Photo by Cheryl Landes
Car accidents caused by colliding with moose aren’t unusual in New England but happen the most in Maine. Each year, the Maine Department of Transportation compiles and publishes statistics from moose crashes. MaineDOT reports that from September 2016 through Labor Day 2017, the number of crashes dropped and are most likely to happen in the evening and during the month of June.
When driving the roads in New England, always be alert for moose – even on the interstates. They’re hard to see at night because their dark bodies blend into the landscape. Moose are stressed easily, so they’re also very unpredictable. If you see a moose at the side of the road, slow down and leave ample space. If the moose is in the road, stop and wait until the moose leaves. Trying to drive around a moose or honking at it to encourage it to move out of the way can provoke it and cause it to lunge at your car. They’re big and strong and often total cars.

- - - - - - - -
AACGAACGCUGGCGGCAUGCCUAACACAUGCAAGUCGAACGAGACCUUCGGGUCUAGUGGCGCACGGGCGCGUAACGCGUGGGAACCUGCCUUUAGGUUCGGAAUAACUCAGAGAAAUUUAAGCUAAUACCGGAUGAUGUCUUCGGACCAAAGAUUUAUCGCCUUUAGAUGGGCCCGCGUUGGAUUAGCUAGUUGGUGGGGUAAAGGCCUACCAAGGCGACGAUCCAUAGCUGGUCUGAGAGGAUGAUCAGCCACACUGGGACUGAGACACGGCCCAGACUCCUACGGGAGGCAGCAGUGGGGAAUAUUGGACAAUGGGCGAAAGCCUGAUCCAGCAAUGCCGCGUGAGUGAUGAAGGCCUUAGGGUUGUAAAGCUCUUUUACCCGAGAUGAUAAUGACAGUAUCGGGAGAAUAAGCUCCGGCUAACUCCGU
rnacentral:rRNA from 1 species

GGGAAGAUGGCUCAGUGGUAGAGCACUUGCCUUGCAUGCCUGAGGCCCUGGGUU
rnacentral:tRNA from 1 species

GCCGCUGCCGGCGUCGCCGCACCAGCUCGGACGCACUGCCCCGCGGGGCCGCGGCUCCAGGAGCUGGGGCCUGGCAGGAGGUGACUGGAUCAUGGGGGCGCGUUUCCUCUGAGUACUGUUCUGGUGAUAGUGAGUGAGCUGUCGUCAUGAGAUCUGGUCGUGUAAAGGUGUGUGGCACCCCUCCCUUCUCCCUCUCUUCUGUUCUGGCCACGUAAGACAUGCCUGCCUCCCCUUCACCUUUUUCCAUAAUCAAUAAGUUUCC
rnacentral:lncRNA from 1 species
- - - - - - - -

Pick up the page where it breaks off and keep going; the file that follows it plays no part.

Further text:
Patience is crucial.
During one of my drives in Maine, we were stopped on Highway 202 north of The Forks while a mother moose and her calf stood in the middle of the road. Everyone waited in their cars with the engines turned off. The traffic jam ended 45 minutes later when the mother and her calf crossed the road and disappeared into the woods.
Another time, when I was leaving Baxter State Park north of Millinocket after a long day of hiking, a moose appeared on the side of the road and started running alongside my SUV next to the passenger side. The young moose was as tall as my Honda CR-V. I was driving 20 miles per hour, the speed limit in the park, and the moose kept up with me for two miles. Then it made a sharp right turn and ran into the pine forest.